While Maleng, who took office in 1978, has yet to file a post-inquest prosecution, his former boss and predecessor, Chris Bayley, filed two, both of which flew in the face of inquest findings, according to Howell. They were the cases of a Seattle cop charged with shooting a suspect in the back and a King County jailer charged with strangling a prisoner in the 1970s. Both were convicted of felonies and legal settlements were paid, even though the killings had been excused by inquest juries, says Howell. The reform-minded Bayley, who was instrumental in cleaning up an SPD payoff and kickback scandal in the 1970s and who recently lost out on a US Senate bid, is on an extended vacation in Europe and couldn’t be reached for comment.
Such comparisons can be meaningless, says Larson of Maleng’s office. “We are not constricted or compelled by an inquest finding. When a finding is made, we go back and look at it from all angles of the law. You have to judge these on a case-by-case basis.”
(Maleng, who through an aide agreed to discuss his record, ultimately could not find time for an in-person or telephone interview, despite repeated requests, nor did he respond to two sets of e-mailed questions.)
A similar pattern of nonprosecution exists in other large Washington counties with inquest systems, although to hold down costs, deaths are usually reviewed by local authorities and inquest hearings are rarely held. When they are, outcomes are often the same: In Snohomish County, for example, an officer’s shooting of an unarmed woman, Robin Pratt, in a 1992 drug raid was called unjustified by an inquest jury, but the officer was never charged with a crime. In Pierce County, officers are so regularly exonerated that officials have not even held an inquest since 1989, despite more than a dozen deaths involving officers.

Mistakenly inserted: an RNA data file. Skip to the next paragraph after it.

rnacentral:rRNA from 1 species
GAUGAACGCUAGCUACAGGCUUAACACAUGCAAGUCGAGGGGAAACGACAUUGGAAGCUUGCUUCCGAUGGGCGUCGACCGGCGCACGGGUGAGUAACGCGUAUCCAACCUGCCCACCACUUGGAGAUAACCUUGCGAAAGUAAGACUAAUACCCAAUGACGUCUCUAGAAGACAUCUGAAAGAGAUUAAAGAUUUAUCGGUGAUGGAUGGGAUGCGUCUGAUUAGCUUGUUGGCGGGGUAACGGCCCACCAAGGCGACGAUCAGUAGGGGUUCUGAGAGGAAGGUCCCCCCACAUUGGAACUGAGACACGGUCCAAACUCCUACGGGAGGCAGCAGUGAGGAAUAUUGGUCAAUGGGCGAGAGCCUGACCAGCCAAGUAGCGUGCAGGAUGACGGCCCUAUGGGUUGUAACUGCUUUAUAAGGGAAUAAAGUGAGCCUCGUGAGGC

DEFENDERS SAY JUSTIFIED is the most frequent finding at inquests all across the US, due arguably to cops making “good” shootings or juries coming to reasonable conclusions based on the perception that cops are human, make mistakes, and shouldn’t be punished for them. Wrongdoing by officers isn’t being found, argues prosecutor Larson, simply because “they may not be guilty of any. But we still see the inquest as a separate issue. We certainly prosecute our share of cops, a half dozen times a year on average I think, for sexual misconduct, aggravated murder, theft, or whatever. I think our record on those issues speaks for itself.”
James Cayce, presiding judge of the King County district courts where inquests are held, says, “My own experience with inquests is that they provide a relatively quick opportunity for a public airing of the facts and circumstances.” An inquest “also sometimes helps the deceased’s family understand how and why the death occurred. It is not a perfect system, but it is better than none at all.”
In some ways, it’s hardly surprising that inquest juries find as they do. There’s widespread appreciation that police have a tough job, regularly putting their lives on the line—they’re asked to make snap judgments, sometimes unknowingly facing armed suspects hell-bent on suicide-by-cop. It’s a rare police officer who wants to kill a suspect and face the pain and probing that follows, and it’s the rare victim who didn’t create some of the circumstances leading to her or his death.
Still, is it right not to hold cops to standards similar to those facing citizens who, for example, can be charged in accidental shootings? Does a constantly endorsing inquest system make it easier to kill “in the line of duty?” How can an innocent man be shot watching TV and no one is to blame? And should the self-defense shield really extend to well-protected officers who kill a man with a toy?